Cross Cultural Norms

I like to preserve cultural references and views but these are changes I'm more than happy to agree with.
I like to preserve cultural references and views but these are changes I’m more than happy to agree with.

In a previous post, I mused about how cultural differences could influence narrative and game mechanics.  I mean, they obviously can and do influence a lot of different things.  Another example popped up with the upcoming release of Bravely Default‘s North American release.

The above image depicts the costumes in the original Japanese release on the right and the NA counterparts on the left.  The most gratuitous is the top-left—I think that costume change is pretty reasonable.  Seriously, who the hell goes out and fights in their underwear?  Come on, guys.  The BDSM outfit, borderline for me although I do like the covered up one more… it’s doesn’t bash me over the head as much.

More after the jump…

Really?  Playboy bunny outfit?  This girl is apparently 17 in the Japanese version.
Really? Playboy bunny outfit? This girl is apparently 17 in the Japanese version.

Seriously, who the hell goes out and fights in their underwear?

The bigger problem that these pictures don’t capture, though, is the change in the protagonists’ ages.  The ages in the Japanese version range from 14-17 years old.  Whoa!  A lot of these kids aren’t even considered legal to have consensual sex in the US.  They’re KIDS.  When you look at trends, NA culture is moving towards a more scantily clad future.  While the Japanese costumes may allude and be in line with what’s to come in our own country, does it mean we have to accept it?  Is there no responsibility on our part as a society to change this?  To set our own standards of chastity or respect?  Obviously, I think we should have some say in this and try to steer our society and cultural standards to better ones.  In the NA version, ages are bumped up so that they’re in the early 20’s.  A little more acceptable given their choice in clothing.

People, of course, are pissed off about this ‘censorship’ and are actively fighting it.  Based on comments on original news blurbs about this, it seems most people are in agreement with me that there’s something very off putting about minors in sexually fetishsized garments, situations, or positions.  I don’t think the changes are censorship.  With the changes I still get the gist that these people like to under dress, whatever fictional place without winters they live in.  I can’t say that the costume changes really affect the overall story.  Maybe the age changes since I will relate differently to a 17 year old than to someone who’s 21.  Maybe I do prefer to fall in love with a 17 year old rather than 21 year old but this is all personal preference and conjecture.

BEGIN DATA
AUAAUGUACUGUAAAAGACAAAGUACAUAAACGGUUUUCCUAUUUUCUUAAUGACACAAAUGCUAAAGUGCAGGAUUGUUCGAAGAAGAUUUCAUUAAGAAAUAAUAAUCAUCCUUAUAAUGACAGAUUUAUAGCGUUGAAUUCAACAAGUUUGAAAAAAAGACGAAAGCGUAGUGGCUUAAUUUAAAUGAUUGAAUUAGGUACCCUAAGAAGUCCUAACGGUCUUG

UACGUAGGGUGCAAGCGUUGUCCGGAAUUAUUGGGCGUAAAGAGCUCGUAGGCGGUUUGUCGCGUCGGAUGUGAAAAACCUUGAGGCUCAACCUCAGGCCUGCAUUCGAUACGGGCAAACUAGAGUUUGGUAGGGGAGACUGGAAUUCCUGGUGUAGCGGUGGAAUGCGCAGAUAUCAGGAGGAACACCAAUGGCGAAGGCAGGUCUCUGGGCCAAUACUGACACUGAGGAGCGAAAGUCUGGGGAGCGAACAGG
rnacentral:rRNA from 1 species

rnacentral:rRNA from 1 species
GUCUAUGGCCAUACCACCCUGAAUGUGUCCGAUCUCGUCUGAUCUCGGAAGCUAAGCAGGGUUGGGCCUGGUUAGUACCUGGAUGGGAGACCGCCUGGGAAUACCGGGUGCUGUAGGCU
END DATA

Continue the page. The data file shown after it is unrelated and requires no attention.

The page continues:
What is truly interesting is the the cultural norms that were behind these original decisions.  How do the Japanese think?  What do their developers want?  What do their customers want? What is acceptable?  What is expected?  This isn’t a cultural commentary blog nor do I have the expertise to view culture in a more general lens.  All I’m able to do is see how our cultures are portrayed in video games… and Japan has a habit of unreasonably under dressed women in general.

However, this isn’t about East vs. West.

Kojima tried to explain himself... the reason still alludes me... and everyone else.
Kojima tried to explain himself… the reason still alludes me… and everyone else.

However, this isn’t about East vs. West.  The West has also made it a habit of portraying women in poor light.  This even extends to treating female developers poorly!  Internet rage trolling and sending death threats to women in my industry?!  What the hell is this?

No one, West or East, wins in this fight for gender quality in games or in the games industry.  It’s a lot of fail when you look at it closely.  However, the changes being made to Bravely Default, I think, are the right step albeit small ones.  And my general stance holds, as designers and developers we have the responsibility to raise the bar of how people view our medium and how we treat our own colleagues.